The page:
Now that I’ve drawn the illustrations for my two latest books, I’m emboldened to try it again for the next one.
AL’S BIG TRAVEL BOOK will tell the story of airline fees in pictures. That won’t be easy because fees are just abstractions until you actually hand over the money – so nobody knows what they look like.
Then there’s this. Once airports became cesspools of human aggravation, I stopped traveling to any destination that is farther away than I can drive; so what do I know about airlines? Ah well, it’s humor.
Besides, it’s not just me. Airlines have a history of troubled relations with illustrators in general. Look at the wretched renderings on their seatback safety cards – walking-stick mannequins jumping out of emergency doors onto canvas chutes, their faces blank and their arms pointed straight in the air. The dregs of the illustration industry.
The airlines probably paid undocumented freelance artists $8 an hour and then charged them easel and palette fees by the color.
But back to the task at hand. The first drawing problem I have to solve is for a tableau that shows all the exclusive benefits of a US Airways Dividend Miles MasterCard.
As they teach at summer writers’ conferences, Show – Don’t Tell. So I want to picture myself and four companions “enjoying our first eligible checked bags FREE on domestic US Airways operated flights.” As if that weren’t head-scratcher enough, my traveling companions are on the verge of desertion – sick of striking poses so that I can picture them enjoying their fee-free bags.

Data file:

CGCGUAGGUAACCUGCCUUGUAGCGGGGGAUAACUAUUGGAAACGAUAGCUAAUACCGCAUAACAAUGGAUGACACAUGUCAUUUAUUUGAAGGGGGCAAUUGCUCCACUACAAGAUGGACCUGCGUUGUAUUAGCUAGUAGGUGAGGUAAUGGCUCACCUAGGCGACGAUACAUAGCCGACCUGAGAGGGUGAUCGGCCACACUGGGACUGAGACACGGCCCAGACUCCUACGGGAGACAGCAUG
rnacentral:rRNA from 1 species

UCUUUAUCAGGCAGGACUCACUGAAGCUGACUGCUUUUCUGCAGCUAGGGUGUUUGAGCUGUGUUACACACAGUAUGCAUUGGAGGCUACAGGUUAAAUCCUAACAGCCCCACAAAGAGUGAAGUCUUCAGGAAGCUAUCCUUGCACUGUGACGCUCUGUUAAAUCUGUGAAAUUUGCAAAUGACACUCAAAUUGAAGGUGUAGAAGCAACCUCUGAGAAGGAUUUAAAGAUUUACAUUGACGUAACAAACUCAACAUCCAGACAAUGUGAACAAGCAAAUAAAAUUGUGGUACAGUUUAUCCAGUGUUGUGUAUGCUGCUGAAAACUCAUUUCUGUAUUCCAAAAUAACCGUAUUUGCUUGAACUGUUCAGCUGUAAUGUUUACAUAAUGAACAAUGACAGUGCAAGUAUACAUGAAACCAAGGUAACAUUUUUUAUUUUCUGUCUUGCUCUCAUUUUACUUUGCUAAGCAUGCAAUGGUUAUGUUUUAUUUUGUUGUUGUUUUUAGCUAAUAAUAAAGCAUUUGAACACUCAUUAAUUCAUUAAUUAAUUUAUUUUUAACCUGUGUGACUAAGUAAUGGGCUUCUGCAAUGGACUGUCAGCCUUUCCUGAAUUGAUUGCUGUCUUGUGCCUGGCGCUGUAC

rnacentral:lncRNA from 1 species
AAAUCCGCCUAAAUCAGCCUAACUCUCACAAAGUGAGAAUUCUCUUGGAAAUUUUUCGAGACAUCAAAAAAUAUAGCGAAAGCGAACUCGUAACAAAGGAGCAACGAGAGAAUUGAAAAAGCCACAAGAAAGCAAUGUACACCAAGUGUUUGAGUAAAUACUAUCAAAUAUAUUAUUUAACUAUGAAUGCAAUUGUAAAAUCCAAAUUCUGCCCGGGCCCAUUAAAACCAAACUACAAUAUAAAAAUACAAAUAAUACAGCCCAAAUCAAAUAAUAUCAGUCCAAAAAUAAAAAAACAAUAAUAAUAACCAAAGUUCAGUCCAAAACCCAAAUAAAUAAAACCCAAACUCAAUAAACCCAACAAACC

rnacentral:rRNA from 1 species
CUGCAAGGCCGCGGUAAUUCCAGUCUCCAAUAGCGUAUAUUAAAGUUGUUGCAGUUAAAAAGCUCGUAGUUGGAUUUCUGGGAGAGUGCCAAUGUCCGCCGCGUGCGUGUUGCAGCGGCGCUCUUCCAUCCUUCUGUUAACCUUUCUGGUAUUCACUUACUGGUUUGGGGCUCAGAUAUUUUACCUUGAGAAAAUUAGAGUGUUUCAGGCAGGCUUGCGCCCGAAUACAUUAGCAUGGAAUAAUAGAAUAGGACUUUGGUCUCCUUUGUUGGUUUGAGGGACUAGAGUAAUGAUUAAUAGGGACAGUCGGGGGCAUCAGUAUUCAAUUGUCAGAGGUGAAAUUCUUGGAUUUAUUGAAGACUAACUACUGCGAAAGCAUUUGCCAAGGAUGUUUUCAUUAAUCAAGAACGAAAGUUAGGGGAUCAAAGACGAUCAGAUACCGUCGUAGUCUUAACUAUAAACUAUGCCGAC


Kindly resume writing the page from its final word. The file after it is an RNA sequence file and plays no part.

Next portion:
Still, the mightiest challenge lies ahead. The most dramatic scenes in AL’S BIG TRAVEL BOOK will show me and two friends reveling in US Airways’ $99 companion tickets.
What a deal! Heck, my kid could illustrate that!
Actually, I have four kids, but this is tough enough without invidious comparisons (“invidious” comes from the Latin for “You can’t make a movie out of that”).
Since the $99 partner ticket offer is the book’s dramatic climax, I want to get it just right – especially the taxes and fees and special charges that have to be added to the $99.
How do you illustrate foreign departure taxes, customs and immigration fees, airport improvement fees, U.S. security fees, passenger facility charges, federal excise taxes, Canadian VAT/GST, and September 11 security fees? Or, for that matter, “additional government-imposed charges composed of a U.S. immigration fee of $7, airport fees of $10, Canada air traffic security charge of $9, and specific fees and charges that vary with itineraries and exchange rates and may be changed without notice.”
Oh, and then I have to draw a picture of 75 blackout dates when the offer doesn’t apply.
After my BIG TRAVEL BOOK, I may do one on mathematics, another subject in which I’m purportedly ignorant. We’ll see about that. I’m going to delineate the mathematical map of a $99 companion ticket, including all taxes, fees, special charges, and whimsical add-ons.
Simple arithmetic suggests a cost for each person of $65,000-plus, so I guess I can’t use simple arithmetic. I’ll have to use calculus, in keeping with airlines’ custom of confusing and ultimately out raging every last passenger. (“calculus” is Latin for the coating of plaque that forms on your teeth if you don’t floss.)
Fortunately, I have those four kids to help me with my homework.